III. THE CAPITAL OF THE CONGO
Leopold's "shop" has its front door at Banana. Its house flag is a golden star on a blue background. Banana is the port of entry to the Congo. You have, no doubt, seen many ports of Europe - Antwerp, Hamburg, Boulogne, Lisbon, Genoa, Marseilles. Banana is the port of entry to a country as large as Western Europe, and while the imports and exports of Europe trickle through all these cities, the commerce of the Congo enters and departs entirely at Banana. You can then picture the busy harbor, the jungle of masts, the white bridges and awnings of the steamers. By the fat funnels and the flags you can distinguish the English tramps, the German merchantmen, the French, Dutch, Italian, Portuguese traders, the smart "liners" from Liverpool, even the Arab dhows with bird-wing sails, even the steel, four-masted schooners out of Boston, U.S.A. You can imagine the toiling lighters, the slap-dash tenders, the launches with shrieking whistles.
Of course, you suspect it is not a bit like that. But were it for fourteen countries the "open door" to twenty millions of people, that is how it might look.
Instead, it is the private entrance to the preserves of a private individual. So what you really see is, on the one hand, islands of mangrove bushes, with their roots in the muddy water; on the other, Banana, a strip of sand and palm trees without a wharf, quay, landing stage, without a pier to which you could make fast anything larger than a rowboat.
In a canoe naked natives paddle alongside to sell fish; a peevish little man in a sun hat, who, in order to save Leopold three salaries, holds four port offices, is being rowed to the gangway; on shore the only other visible inhabitant of Banana, a man with no nerves, is disturbing the brooding, sweating silence by knocking the rust off the plates of a stranded mud-scow. Welcome to our city! Welcome to busy, bustling Banana, the port of entry of the Congo Free State.
In a canoe we were paddled to the back yard of the cafe of Madame Samuel, and from that bower of warm beer and sardine tins trudged through the sun up one side of Banana and down the other. In between the two paths were the bungalows and gardens of forty white men and two white women. Many of the gardens, as was most of Banana, were neglected, untidy, littered with condensed-milk tins. Others, more carefully tended, were laid out in rigid lines. With all tropical nature to draw upon, nothing had been imagined. The most ambitious efforts were designs in whitewashed shells and protruding beer bottles. We could not help remembering the gardens in Japan, of the poorest and the most ignorant coolies. Do I seem to find fault with Banana out of all proportion to its importance? It is because Banana, the Congo's most advanced post of civilization, is typical of all that lies beyond.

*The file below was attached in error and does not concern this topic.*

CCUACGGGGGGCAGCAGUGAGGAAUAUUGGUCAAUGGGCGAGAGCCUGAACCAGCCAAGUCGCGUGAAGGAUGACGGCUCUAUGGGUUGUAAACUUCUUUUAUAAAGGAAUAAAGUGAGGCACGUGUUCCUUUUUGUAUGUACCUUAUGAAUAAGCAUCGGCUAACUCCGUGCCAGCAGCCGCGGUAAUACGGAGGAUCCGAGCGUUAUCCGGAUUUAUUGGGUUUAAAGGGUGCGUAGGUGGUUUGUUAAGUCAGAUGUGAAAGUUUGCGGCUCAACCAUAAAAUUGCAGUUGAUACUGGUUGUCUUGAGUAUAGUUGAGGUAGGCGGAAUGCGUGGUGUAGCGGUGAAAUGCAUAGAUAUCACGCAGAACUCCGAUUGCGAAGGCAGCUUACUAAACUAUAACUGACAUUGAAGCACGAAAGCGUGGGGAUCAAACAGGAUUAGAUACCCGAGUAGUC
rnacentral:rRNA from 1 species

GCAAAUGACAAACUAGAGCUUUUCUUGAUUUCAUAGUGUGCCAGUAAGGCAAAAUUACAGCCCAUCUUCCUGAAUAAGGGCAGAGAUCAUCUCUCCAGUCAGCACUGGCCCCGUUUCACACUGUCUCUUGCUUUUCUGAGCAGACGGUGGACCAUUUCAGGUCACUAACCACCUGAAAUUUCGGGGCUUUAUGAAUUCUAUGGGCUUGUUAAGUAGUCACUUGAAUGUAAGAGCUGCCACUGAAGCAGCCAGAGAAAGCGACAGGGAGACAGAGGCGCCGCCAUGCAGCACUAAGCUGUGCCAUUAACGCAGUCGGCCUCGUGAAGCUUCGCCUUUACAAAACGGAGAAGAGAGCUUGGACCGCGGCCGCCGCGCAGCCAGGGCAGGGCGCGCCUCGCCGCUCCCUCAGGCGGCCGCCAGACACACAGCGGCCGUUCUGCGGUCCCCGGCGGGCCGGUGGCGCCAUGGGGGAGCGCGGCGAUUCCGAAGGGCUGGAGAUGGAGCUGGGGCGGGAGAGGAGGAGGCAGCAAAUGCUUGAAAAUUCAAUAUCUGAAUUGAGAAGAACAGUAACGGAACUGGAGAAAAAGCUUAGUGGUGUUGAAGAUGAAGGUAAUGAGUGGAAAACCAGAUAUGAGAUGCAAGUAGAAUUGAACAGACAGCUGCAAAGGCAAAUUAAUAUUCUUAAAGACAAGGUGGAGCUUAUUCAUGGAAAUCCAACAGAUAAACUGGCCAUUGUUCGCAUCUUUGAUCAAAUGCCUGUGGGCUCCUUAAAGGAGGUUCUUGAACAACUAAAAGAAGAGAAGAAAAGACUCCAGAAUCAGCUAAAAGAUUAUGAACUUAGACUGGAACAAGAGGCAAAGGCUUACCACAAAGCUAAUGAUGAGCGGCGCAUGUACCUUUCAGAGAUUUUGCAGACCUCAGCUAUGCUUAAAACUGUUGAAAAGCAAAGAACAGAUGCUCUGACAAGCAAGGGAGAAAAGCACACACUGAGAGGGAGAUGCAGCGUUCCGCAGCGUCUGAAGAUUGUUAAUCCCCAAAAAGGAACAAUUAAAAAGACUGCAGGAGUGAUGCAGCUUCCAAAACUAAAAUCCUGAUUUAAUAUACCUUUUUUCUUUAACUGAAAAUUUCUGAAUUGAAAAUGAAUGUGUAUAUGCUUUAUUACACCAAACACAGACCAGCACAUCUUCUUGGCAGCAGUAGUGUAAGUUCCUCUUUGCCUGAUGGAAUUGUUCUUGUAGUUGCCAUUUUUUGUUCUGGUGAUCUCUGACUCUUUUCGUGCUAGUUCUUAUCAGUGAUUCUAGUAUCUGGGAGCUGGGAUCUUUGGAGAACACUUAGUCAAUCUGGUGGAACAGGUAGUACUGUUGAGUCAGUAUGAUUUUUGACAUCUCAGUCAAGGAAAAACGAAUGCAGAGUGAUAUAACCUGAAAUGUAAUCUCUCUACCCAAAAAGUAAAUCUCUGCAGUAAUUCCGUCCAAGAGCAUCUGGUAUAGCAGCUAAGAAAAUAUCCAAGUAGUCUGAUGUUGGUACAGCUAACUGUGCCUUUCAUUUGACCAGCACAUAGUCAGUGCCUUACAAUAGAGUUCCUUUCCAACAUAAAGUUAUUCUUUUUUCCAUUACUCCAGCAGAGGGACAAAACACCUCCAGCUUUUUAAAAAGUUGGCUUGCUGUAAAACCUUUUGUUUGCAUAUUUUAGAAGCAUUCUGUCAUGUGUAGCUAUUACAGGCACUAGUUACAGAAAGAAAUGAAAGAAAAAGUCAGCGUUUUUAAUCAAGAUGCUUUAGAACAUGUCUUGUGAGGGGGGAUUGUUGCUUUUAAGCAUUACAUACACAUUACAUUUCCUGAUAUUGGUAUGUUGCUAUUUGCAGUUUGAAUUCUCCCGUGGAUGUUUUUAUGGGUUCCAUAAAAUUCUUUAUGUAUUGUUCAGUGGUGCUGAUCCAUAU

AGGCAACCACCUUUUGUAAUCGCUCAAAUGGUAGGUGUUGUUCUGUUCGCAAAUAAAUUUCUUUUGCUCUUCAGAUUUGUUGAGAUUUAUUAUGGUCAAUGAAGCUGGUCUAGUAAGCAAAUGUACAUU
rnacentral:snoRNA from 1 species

From what I had read of the Congo I expected a broad sweep of muddy, malaria-breeding water, lined by low-lying swamp lands, gloomy, monotonous, depressing.
But on the way to Boma and, later, when I travelled on the Upper Congo, I thought the river more beautiful than any great river I had ever seen. It was full of wonderful surprises. Sometimes it ran between palm-covered banks of yellow sand as low as those of the Mississippi or the Nile; and again, in half an hour, the banks were rock and as heavily wooded as the mountains of Montana, or as white and bold as the cliffs of Dover, or we passed between great hills, covered with what looked like giant oaks, and with their peaks hidden in the clouds. I found it like no other river, because in some one particular it was like them all. Between Banana and Boma the banks first screened us in with the tangled jungle of the tropics, and then opened up great wind-swept plateaux, leading to hills that suggested - of all places - England, and, at that, cultivated England. The contour of the hills, the shape of the trees, the shade of their green contrasted with the green of the grass, were like only the cliffs above Plymouth. One did not look for native kraals and the wild antelope, but for the square, ivy-topped tower of the village church, the loaf-shaped hayricks, slow-moving masses of sheep. But this that looks like a pasture land is only coarse limestone covered with bitter, unnutritious grass, which benefits neither beast nor man.
At sunset we anchored in the current three miles from Boma, and at daybreak we tied up to the iron wharf. As the capital of the government Boma contains the residence and gardens of the governor, who is the personal representative of Leopold, both as a shopkeeper and as a king by divine right. He is a figurehead. The real administrator is M. Vandamme, the Secretaire-General, the ubiquitous, the mysterious, whose name before you leave Southampton is in the air, of whom all men, whether they speak in French or English, speak well. It is from Boma that M. Vandamme sends collectors of rubber, politely labeled inspecteurs, directeurs, judges, capitaines, and sous-lieutenants to their posts, and distributes them over one million square miles.
Boma is the capital of a country which is as large as six nations of the European continent. For twenty-five years it has been the capital. Therefore, the reader already guesses that Boma has only one wharf, and at that wharf there is no custom-house, no warehouse, not even a canvas awning under which, during the six months of rainy season, one might seek shelter for himself and his baggage.